• You need to be able to recognise personality traits in dogs and how this affects their response when in different emotional states.
• You need to learn how dogs communicate with other dogs and with humans
• Actually, this list is difficult as there is so much. But we will leave it here.

Law

• You need an understanding of different laws (Dangerous Dogs Act (1991, 1997), The Dogs Act (1871, 1906, 1953), The Animals Act (1971) and The Animal Welfare Act (2006) and The Antisocial Behaviour, Crime and Policing Act, (2014).You will also need to understand other normal legal stuff such as data protection and client confidentiality. If you do not understand the law, it is very likely that you will act outside of it. E.G. If working with an aggressive dog, you are the legal keeper of the dog. If the dog shows aggression whilst under your guidance you will have committed a criminal act. Some techniques would be in breach of the Animal Welfare Act (2006).

Education

I have spent a great deal of time and money on my education so that I can learn about dogs and understand them so that I can help to train them and help to modify their behaviour to the best of my ability. This is a complex and sophisticated process. It’s not simple. It doesn’t happen in days usually. If others say it does, then it is likely that strong measures are being used to inhibit behaviours and this can lead to serious problems later when such strong measures are no longer in place, or when the dog matures and decides they are not going to accept this any more. Dogs can die if trainers get it wrong!

As of now I have invested in my education in excess of £16,880.00 including a B.Sc (Hons) in Applied Animal Behaviour. This doesn’t include accommodation and travel costs. Most of the courses I attend are up North. This also doesn’t include classes that I attend with my own dog. This is just on courses that are considered qualifications or CPD (Continuing Professional Development). It has taken me all of this education as well as 12 years and working with many thousands of dogs to be at the standard I am now. I am still not perfect by a long shot but I try my hardest.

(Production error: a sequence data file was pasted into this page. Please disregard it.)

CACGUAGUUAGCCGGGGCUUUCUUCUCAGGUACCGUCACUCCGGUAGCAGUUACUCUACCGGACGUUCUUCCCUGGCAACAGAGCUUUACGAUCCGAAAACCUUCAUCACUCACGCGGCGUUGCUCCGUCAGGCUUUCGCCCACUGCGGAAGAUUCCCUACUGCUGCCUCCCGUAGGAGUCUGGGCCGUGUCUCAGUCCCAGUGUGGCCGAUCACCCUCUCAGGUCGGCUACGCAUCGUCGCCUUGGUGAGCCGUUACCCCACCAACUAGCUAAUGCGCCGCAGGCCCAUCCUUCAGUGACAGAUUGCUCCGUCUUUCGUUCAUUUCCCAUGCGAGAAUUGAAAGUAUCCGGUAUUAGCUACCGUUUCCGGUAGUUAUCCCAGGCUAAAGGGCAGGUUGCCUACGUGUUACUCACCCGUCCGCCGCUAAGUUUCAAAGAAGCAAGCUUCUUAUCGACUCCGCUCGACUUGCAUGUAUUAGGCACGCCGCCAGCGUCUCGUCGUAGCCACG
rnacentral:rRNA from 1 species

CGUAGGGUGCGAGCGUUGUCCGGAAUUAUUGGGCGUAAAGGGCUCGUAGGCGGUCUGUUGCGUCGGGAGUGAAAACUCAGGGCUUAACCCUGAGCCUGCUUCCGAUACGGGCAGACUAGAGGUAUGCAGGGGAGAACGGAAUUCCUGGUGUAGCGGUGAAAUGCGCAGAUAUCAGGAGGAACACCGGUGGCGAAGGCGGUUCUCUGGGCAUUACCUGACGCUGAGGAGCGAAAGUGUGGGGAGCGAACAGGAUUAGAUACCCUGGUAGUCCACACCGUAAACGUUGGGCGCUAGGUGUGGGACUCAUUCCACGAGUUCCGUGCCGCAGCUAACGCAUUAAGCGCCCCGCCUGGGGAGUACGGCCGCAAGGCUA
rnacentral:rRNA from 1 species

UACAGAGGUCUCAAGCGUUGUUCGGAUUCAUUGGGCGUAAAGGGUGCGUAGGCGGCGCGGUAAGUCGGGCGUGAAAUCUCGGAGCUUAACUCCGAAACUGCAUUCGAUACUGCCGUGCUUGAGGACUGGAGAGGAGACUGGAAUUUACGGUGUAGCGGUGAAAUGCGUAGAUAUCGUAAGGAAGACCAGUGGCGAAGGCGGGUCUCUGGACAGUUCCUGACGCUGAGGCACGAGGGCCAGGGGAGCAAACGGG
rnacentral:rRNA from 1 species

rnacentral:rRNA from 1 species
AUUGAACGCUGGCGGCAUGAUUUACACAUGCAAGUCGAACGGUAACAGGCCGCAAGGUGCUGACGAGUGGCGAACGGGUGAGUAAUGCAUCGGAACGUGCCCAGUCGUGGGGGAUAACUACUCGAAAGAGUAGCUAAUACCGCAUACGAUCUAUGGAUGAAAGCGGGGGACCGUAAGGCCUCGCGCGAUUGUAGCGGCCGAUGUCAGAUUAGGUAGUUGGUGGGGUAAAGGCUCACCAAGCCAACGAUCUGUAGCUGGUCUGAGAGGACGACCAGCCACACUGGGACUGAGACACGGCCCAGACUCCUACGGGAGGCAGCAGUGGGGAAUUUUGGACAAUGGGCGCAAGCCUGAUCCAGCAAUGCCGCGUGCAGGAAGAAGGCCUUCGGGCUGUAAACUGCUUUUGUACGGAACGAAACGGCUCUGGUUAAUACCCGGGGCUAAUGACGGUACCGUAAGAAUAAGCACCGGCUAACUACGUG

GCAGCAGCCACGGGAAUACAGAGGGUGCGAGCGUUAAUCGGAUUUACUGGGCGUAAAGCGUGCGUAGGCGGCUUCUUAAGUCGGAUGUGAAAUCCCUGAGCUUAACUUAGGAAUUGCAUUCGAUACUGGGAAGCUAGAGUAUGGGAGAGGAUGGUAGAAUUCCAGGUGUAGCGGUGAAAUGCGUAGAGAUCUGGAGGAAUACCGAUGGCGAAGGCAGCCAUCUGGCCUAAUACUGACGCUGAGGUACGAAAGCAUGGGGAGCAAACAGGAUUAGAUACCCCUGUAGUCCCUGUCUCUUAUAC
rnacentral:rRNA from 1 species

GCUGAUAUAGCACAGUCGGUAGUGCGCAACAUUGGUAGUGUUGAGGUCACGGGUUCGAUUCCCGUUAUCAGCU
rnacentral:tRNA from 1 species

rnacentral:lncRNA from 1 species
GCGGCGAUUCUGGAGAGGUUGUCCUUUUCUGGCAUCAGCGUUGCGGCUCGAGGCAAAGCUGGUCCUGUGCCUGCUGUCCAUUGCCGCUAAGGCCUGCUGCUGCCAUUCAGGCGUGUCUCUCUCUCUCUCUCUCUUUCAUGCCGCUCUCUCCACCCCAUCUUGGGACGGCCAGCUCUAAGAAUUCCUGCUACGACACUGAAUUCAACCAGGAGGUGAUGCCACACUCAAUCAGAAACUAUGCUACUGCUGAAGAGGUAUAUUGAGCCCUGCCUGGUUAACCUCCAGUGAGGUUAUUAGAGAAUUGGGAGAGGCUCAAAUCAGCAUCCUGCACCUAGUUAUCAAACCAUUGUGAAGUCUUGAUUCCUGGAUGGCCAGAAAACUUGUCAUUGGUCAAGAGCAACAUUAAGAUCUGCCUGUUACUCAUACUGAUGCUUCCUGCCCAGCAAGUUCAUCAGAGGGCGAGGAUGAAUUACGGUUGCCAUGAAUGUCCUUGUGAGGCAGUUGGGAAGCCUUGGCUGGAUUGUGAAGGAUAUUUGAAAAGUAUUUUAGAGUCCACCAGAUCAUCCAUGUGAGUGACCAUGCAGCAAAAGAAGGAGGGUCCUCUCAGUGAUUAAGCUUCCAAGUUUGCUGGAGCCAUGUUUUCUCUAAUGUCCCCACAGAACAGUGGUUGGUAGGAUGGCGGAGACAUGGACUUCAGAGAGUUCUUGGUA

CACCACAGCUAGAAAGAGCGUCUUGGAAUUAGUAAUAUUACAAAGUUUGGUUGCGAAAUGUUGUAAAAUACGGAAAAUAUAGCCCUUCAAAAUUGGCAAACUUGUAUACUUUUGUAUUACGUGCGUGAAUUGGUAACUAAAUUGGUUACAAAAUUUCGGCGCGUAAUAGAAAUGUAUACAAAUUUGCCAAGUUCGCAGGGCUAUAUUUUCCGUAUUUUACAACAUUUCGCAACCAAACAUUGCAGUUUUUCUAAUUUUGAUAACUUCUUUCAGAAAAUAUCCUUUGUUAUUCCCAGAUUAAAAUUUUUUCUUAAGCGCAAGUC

Hopefully, this now explains why when someone asks me if they can attend a class or a course so they can learn to be a dog trainer, this is something I sometimes find a little frustrating. It takes years if you are going to do this properly. Please don’t take short cuts it will catch up with you later.
If someone is serious about becoming a dog trainer, they should start with some academic grounding first. Then the practical side becomes easier. Like learning to drive; we are tested on theory before the practical. This makes us safer and the same applies for dog training.
Dog training is not an easy profession. It can be dangerous. If you do not understand dog body language to a sophisticated level, you really shouldn’t work with dogs. This is how you can get bitten.

If you are still determined to become a dog trainer/behaviourist, go and check out a range of really good courses that are available. Do make sure they are independently accredited. You will need academic and practical experience. Once you have the academic qualifications it's a good idea to volunteer to assist a dog trainer for quite some time to gain practical experience.